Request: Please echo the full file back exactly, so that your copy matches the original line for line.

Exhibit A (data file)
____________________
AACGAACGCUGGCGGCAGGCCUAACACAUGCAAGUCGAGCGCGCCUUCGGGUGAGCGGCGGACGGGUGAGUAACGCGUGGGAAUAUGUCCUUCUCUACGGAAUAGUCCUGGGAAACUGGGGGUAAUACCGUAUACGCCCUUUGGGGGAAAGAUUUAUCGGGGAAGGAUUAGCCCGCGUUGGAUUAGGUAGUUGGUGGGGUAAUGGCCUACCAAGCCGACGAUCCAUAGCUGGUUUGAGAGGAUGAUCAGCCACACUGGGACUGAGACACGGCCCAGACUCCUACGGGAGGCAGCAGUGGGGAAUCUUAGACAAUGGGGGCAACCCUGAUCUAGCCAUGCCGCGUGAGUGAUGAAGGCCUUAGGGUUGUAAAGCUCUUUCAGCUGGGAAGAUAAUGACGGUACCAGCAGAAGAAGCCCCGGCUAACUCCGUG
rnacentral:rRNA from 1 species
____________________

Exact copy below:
AACGAACGCUGGCGGCAGGCCUAACACAUGCAAGUCGAGCGCGCCUUCGGGUGAGCGGCGGACGGGUGAGUAACGCGUGGGAAUAUGUCCUUCUCUACGGAAUAGUCCUGGGAAACUGGGGGUAAUACCGUAUACGCCCUUUGGGGGAAAGAUUUAUCGGGGAAGGAUUAGCCCGCGUUGGAUUAGGUAGUUGGUGGGGUAAUGGCCUACCAAGCCGACGAUCCAUAGCUGGUUUGAGAGGAUGAUCAGCCACACUGGGACUGAGACACGGCCCAGACUCCUACGGGAGGCAGCAGUGGGGAAUCUUAGACAAUGGGGGCAACCCUGAUCUAGCCAUGCCGCGUGAGUGAUGAAGGCCUUAGGGUUGUAAAGCUCUUUCAGCUGGGAAGAUAAUGACGGUACCAGCAGAAGAAGCCCCGGCUAACUCCGUG
rnacentral:rRNA from 1 species